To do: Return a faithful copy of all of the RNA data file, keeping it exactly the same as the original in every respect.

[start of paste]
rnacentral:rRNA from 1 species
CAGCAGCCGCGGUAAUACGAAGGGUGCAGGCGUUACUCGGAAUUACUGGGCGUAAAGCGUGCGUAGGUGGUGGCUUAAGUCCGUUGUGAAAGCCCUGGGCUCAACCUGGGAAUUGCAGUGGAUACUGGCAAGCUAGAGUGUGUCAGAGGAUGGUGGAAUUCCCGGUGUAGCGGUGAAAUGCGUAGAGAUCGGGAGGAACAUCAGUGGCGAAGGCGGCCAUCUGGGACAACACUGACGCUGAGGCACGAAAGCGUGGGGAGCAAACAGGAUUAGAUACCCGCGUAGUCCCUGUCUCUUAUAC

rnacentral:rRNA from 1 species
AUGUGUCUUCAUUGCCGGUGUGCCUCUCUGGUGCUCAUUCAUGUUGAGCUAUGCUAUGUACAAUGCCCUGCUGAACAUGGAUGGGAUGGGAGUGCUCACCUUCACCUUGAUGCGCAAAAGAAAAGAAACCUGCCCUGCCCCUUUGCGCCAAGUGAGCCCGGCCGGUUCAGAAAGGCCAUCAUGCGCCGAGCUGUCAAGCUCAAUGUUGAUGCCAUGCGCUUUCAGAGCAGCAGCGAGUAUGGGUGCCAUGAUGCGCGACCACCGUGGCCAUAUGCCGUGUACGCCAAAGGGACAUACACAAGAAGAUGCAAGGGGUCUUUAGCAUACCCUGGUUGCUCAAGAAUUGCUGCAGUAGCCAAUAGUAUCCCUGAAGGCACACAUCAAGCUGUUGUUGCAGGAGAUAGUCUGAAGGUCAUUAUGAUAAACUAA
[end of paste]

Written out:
rnacentral:rRNA from 1 species
CAGCAGCCGCGGUAAUACGAAGGGUGCAGGCGUUACUCGGAAUUACUGGGCGUAAAGCGUGCGUAGGUGGUGGCUUAAGUCCGUUGUGAAAGCCCUGGGCUCAACCUGGGAAUUGCAGUGGAUACUGGCAAGCUAGAGUGUGUCAGAGGAUGGUGGAAUUCCCGGUGUAGCGGUGAAAUGCGUAGAGAUCGGGAGGAACAUCAGUGGCGAAGGCGGCCAUCUGGGACAACACUGACGCUGAGGCACGAAAGCGUGGGGAGCAAACAGGAUUAGAUACCCGCGUAGUCCCUGUCUCUUAUAC

rnacentral:rRNA from 1 species
AUGUGUCUUCAUUGCCGGUGUGCCUCUCUGGUGCUCAUUCAUGUUGAGCUAUGCUAUGUACAAUGCCCUGCUGAACAUGGAUGGGAUGGGAGUGCUCACCUUCACCUUGAUGCGCAAAAGAAAAGAAACCUGCCCUGCCCCUUUGCGCCAAGUGAGCCCGGCCGGUUCAGAAAGGCCAUCAUGCGCCGAGCUGUCAAGCUCAAUGUUGAUGCCAUGCGCUUUCAGAGCAGCAGCGAGUAUGGGUGCCAUGAUGCGCGACCACCGUGGCCAUAUGCCGUGUACGCCAAAGGGACAUACACAAGAAGAUGCAAGGGGUCUUUAGCAUACCCUGGUUGCUCAAGAAUUGCUGCAGUAGCCAAUAGUAUCCCUGAAGGCACACAUCAAGCUGUUGUUGCAGGAGAUAGUCUGAAGGUCAUUAUGAUAAACUAA